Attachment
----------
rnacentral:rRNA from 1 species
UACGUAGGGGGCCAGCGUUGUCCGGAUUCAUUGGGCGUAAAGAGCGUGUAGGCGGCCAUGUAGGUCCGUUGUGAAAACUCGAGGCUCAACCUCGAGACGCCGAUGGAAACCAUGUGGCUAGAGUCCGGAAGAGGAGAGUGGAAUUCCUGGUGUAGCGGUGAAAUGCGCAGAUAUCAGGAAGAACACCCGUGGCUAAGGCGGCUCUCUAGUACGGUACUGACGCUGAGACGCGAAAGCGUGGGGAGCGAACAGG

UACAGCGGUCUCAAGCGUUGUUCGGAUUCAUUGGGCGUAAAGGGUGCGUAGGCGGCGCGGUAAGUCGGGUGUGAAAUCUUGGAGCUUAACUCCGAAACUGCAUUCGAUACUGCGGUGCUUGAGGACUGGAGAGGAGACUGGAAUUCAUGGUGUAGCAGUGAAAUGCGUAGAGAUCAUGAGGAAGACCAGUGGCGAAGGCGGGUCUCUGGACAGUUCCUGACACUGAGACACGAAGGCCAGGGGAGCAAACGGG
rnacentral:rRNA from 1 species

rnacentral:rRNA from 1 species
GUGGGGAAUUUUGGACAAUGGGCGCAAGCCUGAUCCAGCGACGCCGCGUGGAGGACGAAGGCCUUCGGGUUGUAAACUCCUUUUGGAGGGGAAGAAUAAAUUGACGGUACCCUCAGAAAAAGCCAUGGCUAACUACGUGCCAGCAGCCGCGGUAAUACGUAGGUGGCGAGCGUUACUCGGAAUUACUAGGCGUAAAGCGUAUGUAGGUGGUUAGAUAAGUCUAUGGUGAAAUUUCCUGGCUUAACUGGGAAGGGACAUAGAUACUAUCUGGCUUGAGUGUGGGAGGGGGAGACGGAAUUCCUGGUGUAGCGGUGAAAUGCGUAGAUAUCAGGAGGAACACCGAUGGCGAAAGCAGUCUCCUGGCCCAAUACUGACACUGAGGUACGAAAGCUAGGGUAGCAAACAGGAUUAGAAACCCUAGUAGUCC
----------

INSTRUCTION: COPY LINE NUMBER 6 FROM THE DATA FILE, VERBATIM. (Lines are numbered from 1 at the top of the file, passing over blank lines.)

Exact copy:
GUGGGGAAUUUUGGACAAUGGGCGCAAGCCUGAUCCAGCGACGCCGCGUGGAGGACGAAGGCCUUCGGGUUGUAAACUCCUUUUGGAGGGGAAGAAUAAAUUGACGGUACCCUCAGAAAAAGCCAUGGCUAACUACGUGCCAGCAGCCGCGGUAAUACGUAGGUGGCGAGCGUUACUCGGAAUUACUAGGCGUAAAGCGUAUGUAGGUGGUUAGAUAAGUCUAUGGUGAAAUUUCCUGGCUUAACUGGGAAGGGACAUAGAUACUAUCUGGCUUGAGUGUGGGAGGGGGAGACGGAAUUCCUGGUGUAGCGGUGAAAUGCGUAGAUAUCAGGAGGAACACCGAUGGCGAAAGCAGUCUCCUGGCCCAAUACUGACACUGAGGUACGAAAGCUAGGGUAGCAAACAGGAUUAGAAACCCUAGUAGUCC